It remains to be seen if fans will appreciate the movie, but it at least has one supporter: “Silent Hill” video game producer Tomm Hulett. He had already seen the film by the time we caught up with him, and it has received his stamp of approval.

“I think it does really well, actually,” he told IFC. “The first movie was a little different from the game, which is fine because it’s a movie, they can do their own thing, but this movie not just is a sequel to that but it also brings it back to the games a little bit too, so the really serious fans who kind of want it to be exactly like the game, they’ll find more in this movie that rings true to what they’re looking for, I think.”

At least fans can expect the 3D to be good. Bassett said that not a frame of the movie was post-converted because he feels it’s important to capture the depth 3D can film while you’re shooting a scene. Though he concedes that there are some drawbacks to using 3D, he has become a full-hearted fan of the medium.

“If you’re making a movie about other worlds, then 3D is a great way of engaging the audience in that world,” he said. “I think what it does bring is an otherworldliness, and it benefits a movie like ‘Silent Hill’ enormously.”

So what else should viewers look forward to? Clemens teased us with her two favorite elements of the film.

“I think the nurses are really cool, I think you’ll have fun there,” she said with a smile. “And Jon Snow’s there too, so it’s kind of amazing.”

“Silent Hill: Revelation 3D” is out in theaters today, October 26.

Are you intrigued by “Silent Hill: Revelation 3D”? Tell us in the comments section below or on Facebook and Twitter.

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Weird Roles

Anthony Michael Hall’s Most Rotten Movies

Catch Anthony Michael Hall in Weird Science on Friday at 8P on IFC.

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Photo Credit: Universal/Everett Collection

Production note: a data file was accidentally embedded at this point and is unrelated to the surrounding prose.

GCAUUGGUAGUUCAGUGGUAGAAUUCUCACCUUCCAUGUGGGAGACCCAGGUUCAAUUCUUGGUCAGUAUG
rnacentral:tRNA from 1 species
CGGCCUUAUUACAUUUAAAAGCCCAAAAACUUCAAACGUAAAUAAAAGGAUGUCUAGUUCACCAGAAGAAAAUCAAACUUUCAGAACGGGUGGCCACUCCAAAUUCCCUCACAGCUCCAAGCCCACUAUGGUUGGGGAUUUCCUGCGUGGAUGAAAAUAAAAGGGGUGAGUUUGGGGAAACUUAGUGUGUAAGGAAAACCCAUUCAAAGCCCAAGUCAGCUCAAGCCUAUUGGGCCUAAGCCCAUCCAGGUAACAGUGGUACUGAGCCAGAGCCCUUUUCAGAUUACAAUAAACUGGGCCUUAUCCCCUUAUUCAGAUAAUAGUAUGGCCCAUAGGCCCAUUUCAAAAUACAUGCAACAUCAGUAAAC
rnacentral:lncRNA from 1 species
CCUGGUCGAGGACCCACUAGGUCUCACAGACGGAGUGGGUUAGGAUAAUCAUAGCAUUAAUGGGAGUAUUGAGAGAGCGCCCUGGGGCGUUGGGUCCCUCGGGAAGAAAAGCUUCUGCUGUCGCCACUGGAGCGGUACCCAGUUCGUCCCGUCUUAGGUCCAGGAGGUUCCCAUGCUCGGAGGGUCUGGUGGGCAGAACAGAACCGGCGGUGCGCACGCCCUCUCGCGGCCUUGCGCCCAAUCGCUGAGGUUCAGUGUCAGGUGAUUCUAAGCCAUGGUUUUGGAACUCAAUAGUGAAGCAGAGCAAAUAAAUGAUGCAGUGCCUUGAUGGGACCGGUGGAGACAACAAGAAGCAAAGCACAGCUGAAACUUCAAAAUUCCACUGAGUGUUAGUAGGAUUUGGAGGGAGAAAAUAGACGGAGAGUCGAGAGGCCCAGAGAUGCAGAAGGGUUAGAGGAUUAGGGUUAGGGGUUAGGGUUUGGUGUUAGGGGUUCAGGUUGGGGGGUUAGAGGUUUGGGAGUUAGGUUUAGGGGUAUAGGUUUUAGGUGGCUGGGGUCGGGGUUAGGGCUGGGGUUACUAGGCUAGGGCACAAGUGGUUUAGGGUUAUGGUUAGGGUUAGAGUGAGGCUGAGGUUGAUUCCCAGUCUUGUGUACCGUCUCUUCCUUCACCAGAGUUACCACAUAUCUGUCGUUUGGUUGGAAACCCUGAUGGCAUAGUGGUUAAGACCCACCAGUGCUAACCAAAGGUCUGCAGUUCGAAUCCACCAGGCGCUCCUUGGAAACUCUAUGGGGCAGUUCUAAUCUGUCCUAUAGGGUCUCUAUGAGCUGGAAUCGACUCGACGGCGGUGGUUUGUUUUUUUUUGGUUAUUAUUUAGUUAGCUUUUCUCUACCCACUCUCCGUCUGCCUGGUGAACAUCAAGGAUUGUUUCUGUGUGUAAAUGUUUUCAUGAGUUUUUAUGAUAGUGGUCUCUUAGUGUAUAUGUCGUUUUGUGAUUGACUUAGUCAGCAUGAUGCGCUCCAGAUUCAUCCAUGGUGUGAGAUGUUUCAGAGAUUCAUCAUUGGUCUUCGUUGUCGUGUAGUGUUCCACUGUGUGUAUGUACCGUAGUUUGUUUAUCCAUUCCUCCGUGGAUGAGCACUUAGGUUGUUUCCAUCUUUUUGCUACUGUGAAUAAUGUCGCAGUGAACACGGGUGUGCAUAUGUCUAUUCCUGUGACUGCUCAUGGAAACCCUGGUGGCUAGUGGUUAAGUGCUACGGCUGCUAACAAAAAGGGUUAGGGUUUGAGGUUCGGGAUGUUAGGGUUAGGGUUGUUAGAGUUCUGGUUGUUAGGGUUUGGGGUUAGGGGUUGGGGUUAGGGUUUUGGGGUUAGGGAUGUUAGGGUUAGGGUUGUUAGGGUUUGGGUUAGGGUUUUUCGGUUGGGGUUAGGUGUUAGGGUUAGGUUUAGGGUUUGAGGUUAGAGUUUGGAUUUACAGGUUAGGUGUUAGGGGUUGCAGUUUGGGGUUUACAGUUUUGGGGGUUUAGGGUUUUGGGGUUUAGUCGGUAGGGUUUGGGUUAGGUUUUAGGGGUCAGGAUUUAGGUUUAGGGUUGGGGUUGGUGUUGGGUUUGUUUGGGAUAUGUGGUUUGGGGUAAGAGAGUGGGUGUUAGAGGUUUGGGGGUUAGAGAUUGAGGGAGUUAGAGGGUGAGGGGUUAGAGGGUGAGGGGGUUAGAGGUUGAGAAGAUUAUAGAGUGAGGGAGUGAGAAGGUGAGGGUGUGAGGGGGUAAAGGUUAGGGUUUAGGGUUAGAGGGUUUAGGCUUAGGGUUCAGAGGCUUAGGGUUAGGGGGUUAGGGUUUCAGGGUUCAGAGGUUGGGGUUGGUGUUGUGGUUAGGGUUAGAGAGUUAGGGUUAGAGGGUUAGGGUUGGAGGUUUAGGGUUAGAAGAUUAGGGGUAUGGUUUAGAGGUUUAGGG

Anthony Michael Hall was the quintessential ’80s nerd. We love him in classics like The Breakfast Club and National Lampoon’s Vacation. But even the brainiest among us has his weak spots. In honor of Weird Science airing this Rotten Friday, we analyze Hall’s worst movies.

Weird Science (1985) 56%

A low point for John Hughes, Weird Science is way too wacky for its own good. Anthony Michael Hall’s Gary and his pal Wyatt (Ilan Mitchell-Smith) create the “perfect woman.” Supernatural chaos ensues. The film costars a young Bill Paxton, floppy disks, and a general disconnect from all reality.

The Caveman’s Valentine (2001) 46%

This ambitious drama starring Samuel L. Jackson couldn’t live up to its rich premise. Jackson plays Romulus, a Juilliard-educated, paranoid schizophrenic who lives in a cave. Hall co-stars as Bob, a rich man, who wants to see Romulus play the piano. The plot centers around Romulus investigating a murder, but with so much going on, the movie never quite finds its rhythm.

All About the Benjamins (2002) 30%

Ice Cube plays a bounty hunter who teams up with Mike Epps’ con man to catch diamond thieves. Hall plays Lil J, a small-time drug dealer. It’s definitely a role we’ve never seen Hall in, but overall the movie isn’t funny or original enough to justify its violence.

Freddy Got Fingered (2001) 11%

This showcase for Tom Green’s goofy gross-out comedy is often hailed as one of the worst films of all time. Green plays Gord, a 20-something slacker, who dreams of having his own animated series. Hall is Dave Davidson, a CEO of an animation studio who eventually helps Gord find success. Too bad Tom Green wasn’t so lucky.

Johnny Be Good (1988) 0%